By Sam Humphries, Ethan Van Sciver, Ed Benes, and Robson Rocha.
The Green Lantern Corps now have two new lanterns from sector 2814, Jessica Cruz and Simon Baz. These two rookies have to work together to protect Earth from the darkest nights while fan favorite and Green Lantern extraordinaire, Hal Jordan handles some business with Sinestro off planet. Green Lanterns Vol 1 has a total of seven issues, with Green Lanterns: Rebirth #1 and Green Lanterns# 1-6 filling up this gammed packed trade paperback. This allows for easy reading of the first story arc, no waiting for the next issue release. Taking in the entire arc in one sitting is intense for this volume of Green Lanterns. There is a lot of action in every page between Jessica and Simon taking on the red Lanterns while there is Guardian of the Universe waiting for them to ask for a huge favor.
This volume does have a good flow between every page and issue that if it were not for the brief introductions to the new lanterns at the start of every issue, you would never notice it. The pages buzz with action as every panel is jammed packed with narration, dialogue, and plenty of action. At the heart of this story from writer Sam Humphries is a tale of two people who need the lantern corps, and one another, more than either knew. The dynamic is tested right away from a tremendous threat from the Red Lanterns as they attempt to take over earth by infecting the masses of Earth with the rage virus. The Red Lanterns, led by Atrocitus, give this new duo their first real test as a team.
The tension between Jessica and Simon becomes the real true arc of the first issues. We see the two start out as forced partners as Hal Jordan fuses their lantern chargers together, really giving them no other alternative than to cooperate and work together. Simon is cocky and impulsive, and genuinely has trouble trusting others while, Jessica is filled with crippling anxiety and constant self-doubt. Artist Robson Rocha does a wonderful job capturing the subtle insecurities and hostility that brews between the two lanterns are they adjust to their new superhero status. Humphries and Rocha work in tandem as the narration and point of view changes from one lantern to another, it allows the reader to become more familiar with each one while also providing some great character poses and panel layouts. Each issue opens with great huge splash pages filled with either Simon or Jessica in a huge, power pose.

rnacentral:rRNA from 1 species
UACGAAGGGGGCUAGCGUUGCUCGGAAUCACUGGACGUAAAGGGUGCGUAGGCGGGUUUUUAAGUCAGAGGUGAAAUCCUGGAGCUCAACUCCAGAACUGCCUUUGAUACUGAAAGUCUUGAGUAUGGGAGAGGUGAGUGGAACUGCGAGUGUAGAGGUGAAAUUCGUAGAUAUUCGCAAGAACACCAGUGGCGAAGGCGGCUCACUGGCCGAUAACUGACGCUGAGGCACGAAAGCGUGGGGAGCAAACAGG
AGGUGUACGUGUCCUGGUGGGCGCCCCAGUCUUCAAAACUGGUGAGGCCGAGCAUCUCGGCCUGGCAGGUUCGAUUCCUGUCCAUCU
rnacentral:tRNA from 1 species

Every page has intricate and detailed panel layouts, really adding more depth to the story from Humphries. This helps with story flow, making it easier to know and understand the narration, dialogue, and action. The story also has great vibrant colors on every page, making this book really feel like a Green Lantern book. The great use of iconic greens against familiar foes like Atrocitus gives validation to the new heroes.
The only fault to be found with this book and new Lanterns of Jessica and Simon is the lack of cultural appropriation. It is apparent that Jessica Cruz is Latina and Simon Baz is Middle Eastern, which is great to have inclusion for those demographics. However, it does feel like this is a bit hollow of an attempt. Besides appearance and name there is little effort taken by the creative team to really embrace some cultural references to give this a sincere effort to include cultural references that would make it feel organic.
As Red Dawn approaches for the heroes, we have a lot to look forward to from these new Green Lanterns. There is a lot of chemistry brewing between these two heroes, and there is a lot action brewing as well. Between the looming Red Dawn from the Red Lanterns and Atrocitus, the mysterious Guardian asking for help, and the departure of Hal Jordan and of his expertise there is a lot of action in store for Simon Baz and Jessica Cruz, the two Green Lanterns of sector 2814. Green Lanterns Vol 1 is a real winner to come out of DC’s Rebirth event because Humphries and Rocha have true chemistry as a creative team that really bring the Green Lanterns alive with classic story telling and compelling art.